4. Then, take the roasted urad dal in a small dry grinder jar, small chutney grinder jar or a small blender.
5. Grind to a fine flour. Set aside. Ensure that the flour texture is fine. A coarse or gritty texture will tear the dough while shaping.
6. Meanwhile, spread oil on the disc of a ‘murukku maker.’ This is a one star-shaped disc and will be a part of the murukku maker that you have.
7. Also, spread some oil on the part of the murukku maker vessel where the dough will be placed.
Secure and tighten the oiled disc to the main vessel of the murukku maker as shown in the picture below.
Make Murukulu Dough
8. In a fine sieve, take 1 cup (150 grams) rice flour.
9. Also, add the prepared urad dal flour to the same sieve.
10. Next, add ¼ teaspoon red chili powder, ¼ teaspoon or ⅛ teaspoon asafoetida and ½ teaspoon salt or as per taste.
11. Sift the dry ingredients twice.
12. Then, add 1 teaspoon white sesame seeds, ½ teaspoon carom seeds (ajwain) and 2 tablespoons (40 grams) ghee.
Note: Instead of carom seeds you can also use cumin seeds.
13. Mix everything very well. With your fingertips, mix the ghee in the flour evenly. The mixture should resemble breadcrumbs.
14. Take a small portion of the mixture in your palms and it should hold itself together. It should not break or fall apart.
If it breaks or falls apart, add 1 to 2 teaspoons more ghee. Mix again very well and then check.
15. Now, add water in parts and begin to mix and knead.
16. Keep on adding water in parts and knead very well.
17. You will need about 10 to 11 tablespoons water. The amount of water needed will depend on the quality of rice flour.
Check the taste of dough and add more salt, if required.
18. Knead to a smooth and soft dough. Also, keep the dough slightly moist, but do not make it too moist or sticky as then the murukulu will absorb more oil.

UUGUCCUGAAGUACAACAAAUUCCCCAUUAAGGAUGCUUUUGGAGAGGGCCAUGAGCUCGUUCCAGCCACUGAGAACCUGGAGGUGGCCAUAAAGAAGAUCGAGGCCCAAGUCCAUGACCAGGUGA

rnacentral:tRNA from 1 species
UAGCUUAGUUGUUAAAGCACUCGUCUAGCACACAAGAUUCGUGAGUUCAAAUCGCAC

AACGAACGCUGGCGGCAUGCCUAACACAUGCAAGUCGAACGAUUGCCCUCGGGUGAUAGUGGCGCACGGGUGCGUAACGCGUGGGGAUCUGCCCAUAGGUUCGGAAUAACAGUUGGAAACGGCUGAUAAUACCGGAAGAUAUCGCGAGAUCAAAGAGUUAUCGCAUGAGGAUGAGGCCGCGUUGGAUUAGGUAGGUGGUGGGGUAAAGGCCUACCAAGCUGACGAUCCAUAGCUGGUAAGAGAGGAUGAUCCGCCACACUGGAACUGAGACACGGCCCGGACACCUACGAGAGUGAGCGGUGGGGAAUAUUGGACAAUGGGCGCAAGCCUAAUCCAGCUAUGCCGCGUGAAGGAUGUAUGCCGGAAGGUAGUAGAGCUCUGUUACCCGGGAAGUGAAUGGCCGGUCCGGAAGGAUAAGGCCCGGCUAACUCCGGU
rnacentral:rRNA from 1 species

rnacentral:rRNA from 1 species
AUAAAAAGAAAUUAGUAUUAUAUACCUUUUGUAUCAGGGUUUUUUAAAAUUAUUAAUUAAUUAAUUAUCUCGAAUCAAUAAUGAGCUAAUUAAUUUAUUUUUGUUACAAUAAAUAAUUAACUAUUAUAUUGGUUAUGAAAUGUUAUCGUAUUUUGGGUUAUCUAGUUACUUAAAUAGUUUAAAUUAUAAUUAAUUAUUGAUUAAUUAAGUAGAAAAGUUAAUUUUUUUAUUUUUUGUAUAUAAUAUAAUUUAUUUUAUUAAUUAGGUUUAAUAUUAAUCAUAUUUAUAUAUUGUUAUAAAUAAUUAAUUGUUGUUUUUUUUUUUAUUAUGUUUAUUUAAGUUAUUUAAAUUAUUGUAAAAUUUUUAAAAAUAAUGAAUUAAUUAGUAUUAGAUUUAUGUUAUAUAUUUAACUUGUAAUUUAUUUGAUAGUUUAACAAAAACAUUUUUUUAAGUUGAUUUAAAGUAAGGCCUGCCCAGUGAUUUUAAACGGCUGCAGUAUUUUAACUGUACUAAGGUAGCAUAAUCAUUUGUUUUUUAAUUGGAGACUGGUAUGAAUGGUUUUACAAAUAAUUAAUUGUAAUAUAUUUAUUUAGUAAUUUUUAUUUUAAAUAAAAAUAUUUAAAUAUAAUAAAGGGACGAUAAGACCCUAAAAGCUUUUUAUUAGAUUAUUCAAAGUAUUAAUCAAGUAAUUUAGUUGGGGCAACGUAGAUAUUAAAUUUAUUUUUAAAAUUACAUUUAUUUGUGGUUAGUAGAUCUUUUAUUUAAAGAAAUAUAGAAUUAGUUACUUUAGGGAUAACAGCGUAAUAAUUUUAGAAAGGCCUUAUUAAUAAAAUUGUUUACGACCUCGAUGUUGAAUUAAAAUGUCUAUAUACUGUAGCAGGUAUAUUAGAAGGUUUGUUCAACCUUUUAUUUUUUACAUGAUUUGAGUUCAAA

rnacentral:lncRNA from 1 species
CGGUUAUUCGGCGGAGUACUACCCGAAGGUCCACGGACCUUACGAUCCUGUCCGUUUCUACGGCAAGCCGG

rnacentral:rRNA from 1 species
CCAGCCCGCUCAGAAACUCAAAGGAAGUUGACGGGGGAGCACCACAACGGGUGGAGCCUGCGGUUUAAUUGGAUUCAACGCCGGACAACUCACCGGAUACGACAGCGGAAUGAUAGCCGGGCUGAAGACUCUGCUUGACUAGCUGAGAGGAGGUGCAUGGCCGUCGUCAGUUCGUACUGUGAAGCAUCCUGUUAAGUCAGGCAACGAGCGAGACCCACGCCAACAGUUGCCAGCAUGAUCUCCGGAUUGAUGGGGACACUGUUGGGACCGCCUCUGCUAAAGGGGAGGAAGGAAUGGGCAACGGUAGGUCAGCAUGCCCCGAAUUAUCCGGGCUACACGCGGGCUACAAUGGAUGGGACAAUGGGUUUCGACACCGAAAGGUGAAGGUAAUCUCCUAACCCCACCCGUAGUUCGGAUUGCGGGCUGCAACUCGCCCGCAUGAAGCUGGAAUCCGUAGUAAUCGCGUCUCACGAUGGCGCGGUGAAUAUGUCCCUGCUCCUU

Murukku has to be made as soon as you knead the dough. So, keep everything ready before you shape and fry them. Also, do not let the dough rest for any amount of time.
19. Now, divide the dough in 2 parts and add first part in the murukku maker. Cover the second part of dough with a kitchen towel.
20. Before you begin to shape the murukulu, begin to heat oil as required for deep frying in a kadai (wok) or frying pan.
Keep the oil on a low or medium-low heat, so that it does not become too hot. Use any high-smoke point neutral flavored oil.
Use butter paper or parchment paper squares. Cut them and keep ready before you make murukulu.
Press the murukku maker and move in rounds to get the concentric circles or spirals on the paper squares. Break the dough towards the end and press it to the last concentric circle of the spiral.
Tip 1 – If the Murukku breaks while forming, this means that the dough does not have enough moisture. Add 1 or 2 tablespoons water and knead the dough again.
Tip 2 – If you are not getting proper shape, this mean that the dough is too moist. Add some rice flour and knead again.
21. Make a batch of Murukku. Example, make 3 to 5 Murukkus that you will be frying.
22. Next, test the temperature of the oil. Add a small piece of the dough in the oil and it should come up gradually.
If it comes up fast, the oil is hot. Then, reduce the heat. If it sticks, is at the bottom or comes up slowly, the oil is not hot enough. Then, increase the heat.
23. Take the butter paper with the murukulu in your hands. Then, take a small to medium size wooden spatula and place it on the Murukku gently.
24. Then, gently turn over the spatula. The butter paper will be facing you.
25. Lift the butter paper gently.
26. The Murukku will be neatly placed on the wooden spatula.
27. Now, gently tilt or place the spatula in hot oil, so that the Murukulu slides in the oil.
28. Add the remaining Murukku in this manner.
29. Fry on medium heat or at a temperature of 180 to 190 degrees C.
30. When they turn light golden, flip gently with a slotted ladle or perforated spoon. Do not flip them early, as they can break while turning over.
31. Fry the second side.
32. Fry the Murukku till the oil stops sizzling or it becomes crisp and golden. Do not brown too much. Turn over as needed for even frying.